9     Attempt to establish a second PCEP session        This document
 10     Reception of an invalid object                    This document
         Error-value=1: reception of an object with P flag
                        not set although the P flag must be
                        set according to this specification.

   IANA created a registry to manage the Flag field of the PCEP-ERROR
   object.

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   New bit numbers may be allocated only by an IETF Consensus action.
   Each bit should be tracked with the following qualities:

   o  Bit number (counting from bit 0 as the most significant bit)

   o  Capability description

   o  Defining RFC

   No bits are currently for the Flag Field of the PCEP-ERROR Object.

9.13.  LOAD-BALANCING Object Flag Field

   IANA created a registry to manage the Flag field of the LOAD-
   BALANCING object.

   New bit numbers may be allocated only by an IETF Consensus action.
   Each bit should be tracked with the following qualities:

   o  Bit number (counting from bit 0 as the most significant bit)

   o  Capability description

   o  Defining RFC

   No bits are currently for the Flag Field of the LOAD-BALANCING
   Object.

9.14.  CLOSE Object

   The CLOSE object MUST be present in each Close message in order to
   close a PCEP session.  The reason field of the CLOSE object specifies
   the reason for closing the PCEP session.  The reason field of the
   CLOSE object is managed by IANA.

   Reasons

    Value        Meaning
      1          No explanation provided
      2          DeadTimer expired
      3          Reception of a malformed PCEP message
      4          Reception of an unacceptable number of unknown
                 requests/replies
      5          Reception of an unacceptable number of unrecognized
                 PCEP messages

   IANA created a registry to manage the flag field of the CLOSE object.

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   New bit numbers may be allocated only by an IETF Consensus action.
   Each bit should be tracked with the following qualities:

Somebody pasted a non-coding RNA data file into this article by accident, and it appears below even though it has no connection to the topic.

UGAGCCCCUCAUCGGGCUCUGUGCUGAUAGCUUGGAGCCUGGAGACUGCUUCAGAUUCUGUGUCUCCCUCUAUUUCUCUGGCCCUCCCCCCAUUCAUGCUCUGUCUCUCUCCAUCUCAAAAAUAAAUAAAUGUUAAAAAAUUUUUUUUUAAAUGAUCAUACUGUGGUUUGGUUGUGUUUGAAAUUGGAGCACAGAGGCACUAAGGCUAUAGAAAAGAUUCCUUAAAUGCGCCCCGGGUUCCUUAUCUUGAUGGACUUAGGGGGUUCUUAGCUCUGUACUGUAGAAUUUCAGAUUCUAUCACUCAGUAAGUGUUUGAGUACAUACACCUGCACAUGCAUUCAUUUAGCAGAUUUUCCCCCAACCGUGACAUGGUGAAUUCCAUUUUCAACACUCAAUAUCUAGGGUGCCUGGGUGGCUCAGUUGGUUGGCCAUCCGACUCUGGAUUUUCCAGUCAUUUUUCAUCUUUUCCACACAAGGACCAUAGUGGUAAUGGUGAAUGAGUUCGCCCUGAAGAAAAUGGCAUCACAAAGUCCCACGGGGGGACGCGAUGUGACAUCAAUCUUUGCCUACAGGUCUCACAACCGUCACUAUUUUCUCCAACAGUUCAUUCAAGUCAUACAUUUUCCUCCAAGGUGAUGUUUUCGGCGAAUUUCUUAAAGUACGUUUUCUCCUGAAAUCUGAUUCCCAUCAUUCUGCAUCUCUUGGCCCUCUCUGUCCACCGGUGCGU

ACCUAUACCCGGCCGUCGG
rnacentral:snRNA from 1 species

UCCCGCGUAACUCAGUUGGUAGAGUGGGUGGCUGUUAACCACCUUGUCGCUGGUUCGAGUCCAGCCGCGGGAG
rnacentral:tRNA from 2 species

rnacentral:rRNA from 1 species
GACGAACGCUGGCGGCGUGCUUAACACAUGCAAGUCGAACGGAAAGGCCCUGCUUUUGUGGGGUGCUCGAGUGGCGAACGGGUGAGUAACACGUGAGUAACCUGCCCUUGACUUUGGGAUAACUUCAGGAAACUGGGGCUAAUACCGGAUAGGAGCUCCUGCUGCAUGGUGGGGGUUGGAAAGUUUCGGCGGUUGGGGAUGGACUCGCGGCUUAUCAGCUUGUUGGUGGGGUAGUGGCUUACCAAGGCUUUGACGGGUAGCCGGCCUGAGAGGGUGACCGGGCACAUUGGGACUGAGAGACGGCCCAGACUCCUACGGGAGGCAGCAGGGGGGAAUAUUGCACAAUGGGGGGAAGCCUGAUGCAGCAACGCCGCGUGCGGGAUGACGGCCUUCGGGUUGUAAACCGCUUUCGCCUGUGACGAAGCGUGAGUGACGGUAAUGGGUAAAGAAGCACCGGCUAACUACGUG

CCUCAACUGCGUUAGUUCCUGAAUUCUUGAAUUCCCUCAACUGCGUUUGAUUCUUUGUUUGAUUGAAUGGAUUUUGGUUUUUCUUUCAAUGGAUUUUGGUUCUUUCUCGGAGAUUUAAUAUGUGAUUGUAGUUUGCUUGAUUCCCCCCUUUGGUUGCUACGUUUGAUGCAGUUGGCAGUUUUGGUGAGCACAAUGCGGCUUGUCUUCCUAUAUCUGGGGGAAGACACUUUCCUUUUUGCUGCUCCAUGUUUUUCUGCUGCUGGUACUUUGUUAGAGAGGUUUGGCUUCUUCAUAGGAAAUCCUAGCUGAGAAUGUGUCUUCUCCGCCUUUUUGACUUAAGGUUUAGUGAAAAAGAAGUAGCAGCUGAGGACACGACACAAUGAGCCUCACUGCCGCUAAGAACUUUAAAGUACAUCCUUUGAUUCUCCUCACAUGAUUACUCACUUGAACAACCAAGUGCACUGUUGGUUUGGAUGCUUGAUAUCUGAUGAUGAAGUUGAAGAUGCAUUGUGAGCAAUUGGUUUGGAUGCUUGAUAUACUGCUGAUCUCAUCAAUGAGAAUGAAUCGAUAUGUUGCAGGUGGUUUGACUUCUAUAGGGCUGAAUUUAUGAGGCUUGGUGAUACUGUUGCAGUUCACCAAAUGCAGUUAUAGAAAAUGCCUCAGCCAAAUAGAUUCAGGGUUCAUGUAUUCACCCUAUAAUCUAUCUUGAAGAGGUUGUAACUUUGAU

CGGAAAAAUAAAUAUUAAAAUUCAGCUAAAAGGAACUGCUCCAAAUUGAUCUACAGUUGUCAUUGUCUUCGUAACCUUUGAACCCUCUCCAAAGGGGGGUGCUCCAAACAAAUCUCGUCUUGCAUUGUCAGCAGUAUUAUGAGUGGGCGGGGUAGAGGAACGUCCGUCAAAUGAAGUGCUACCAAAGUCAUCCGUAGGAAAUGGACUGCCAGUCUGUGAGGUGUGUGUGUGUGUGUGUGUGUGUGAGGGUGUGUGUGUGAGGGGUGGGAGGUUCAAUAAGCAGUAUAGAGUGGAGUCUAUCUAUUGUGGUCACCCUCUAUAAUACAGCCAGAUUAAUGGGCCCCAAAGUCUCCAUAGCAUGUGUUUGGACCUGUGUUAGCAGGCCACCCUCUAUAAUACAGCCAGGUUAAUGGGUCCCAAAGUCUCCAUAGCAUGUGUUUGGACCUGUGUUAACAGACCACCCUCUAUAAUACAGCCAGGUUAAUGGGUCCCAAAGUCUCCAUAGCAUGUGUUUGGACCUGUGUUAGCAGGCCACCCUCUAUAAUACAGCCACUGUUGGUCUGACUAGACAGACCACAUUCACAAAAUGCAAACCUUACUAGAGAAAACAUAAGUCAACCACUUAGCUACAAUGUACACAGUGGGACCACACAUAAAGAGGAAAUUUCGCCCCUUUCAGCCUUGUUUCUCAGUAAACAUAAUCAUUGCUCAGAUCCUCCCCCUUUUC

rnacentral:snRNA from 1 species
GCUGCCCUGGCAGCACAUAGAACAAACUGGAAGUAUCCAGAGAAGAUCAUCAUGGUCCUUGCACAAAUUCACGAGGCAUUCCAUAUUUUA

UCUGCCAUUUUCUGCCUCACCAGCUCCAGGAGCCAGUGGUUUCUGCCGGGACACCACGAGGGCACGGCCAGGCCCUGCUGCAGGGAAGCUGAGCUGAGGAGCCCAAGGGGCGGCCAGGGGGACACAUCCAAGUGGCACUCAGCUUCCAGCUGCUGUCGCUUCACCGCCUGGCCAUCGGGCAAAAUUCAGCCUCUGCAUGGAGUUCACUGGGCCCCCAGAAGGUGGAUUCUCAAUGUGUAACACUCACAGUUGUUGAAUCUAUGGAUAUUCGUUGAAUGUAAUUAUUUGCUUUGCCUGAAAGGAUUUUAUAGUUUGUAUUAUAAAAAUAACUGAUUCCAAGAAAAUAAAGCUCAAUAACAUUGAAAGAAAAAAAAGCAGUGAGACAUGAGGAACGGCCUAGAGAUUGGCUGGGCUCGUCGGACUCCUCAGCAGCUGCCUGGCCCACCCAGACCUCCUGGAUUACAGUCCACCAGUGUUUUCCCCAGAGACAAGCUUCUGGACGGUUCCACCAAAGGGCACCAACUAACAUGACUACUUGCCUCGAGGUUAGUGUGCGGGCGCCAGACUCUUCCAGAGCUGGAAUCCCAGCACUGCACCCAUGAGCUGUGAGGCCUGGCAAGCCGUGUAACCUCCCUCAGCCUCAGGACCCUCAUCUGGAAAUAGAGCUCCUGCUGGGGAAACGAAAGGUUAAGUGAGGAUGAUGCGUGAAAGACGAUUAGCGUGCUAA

o  Bit number (counting from bit 0 as the most significant bit)

   o  Capability description

   o  Defining RFC

   No bits are currently for the Flag Field of the CLOSE Object.

9.15.  PCEP TLV Type Indicators

   IANA created a registry for the PCEP TLVs.

    Value         Meaning                    Reference

      1          NO-PATH-VECTOR TLV         This document
      2          OVERLOAD-DURATION TLV      This document
      3          REQ-MISSING TLV            This document

9.16.  NO-PATH-VECTOR TLV

   IANA manages the space of flags carried in the NO-PATH-VECTOR TLV
   defined in this document, numbering them from 0 as the least
   significant bit.

   New bit numbers may be allocated only by an IETF Consensus action.

   Each bit should be tracked with the following qualities:

   o  Bit number (counting from bit 0 as the most significant bit)

   o  Name flag

   o  Reference

   Bit Number       Name                         Reference
     31             PCE currently unavailable    This document
     30             Unknown destination          This document
     29             Unknown source               This document

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10.  Security Considerations

10.1.  Vulnerability

   Attacks on PCEP may result in damage to active networks.  If path
   computation responses are changed, the PCC may be encouraged to set
   up inappropriate LSPs.  Such LSPs might deviate to parts of the
   network susceptible to snooping, or might transit congested or
   reserved links.  Path computation responses may be attacked by
   modification of the PCRep message, by impersonation of the PCE, or by
   modification of the PCReq to cause the PCE to perform a different
   computation from that which was originally requested.

   It is also possible to damage the operation of a PCE through a
   variety of denial-of-service attacks.  Such attacks can cause the PCE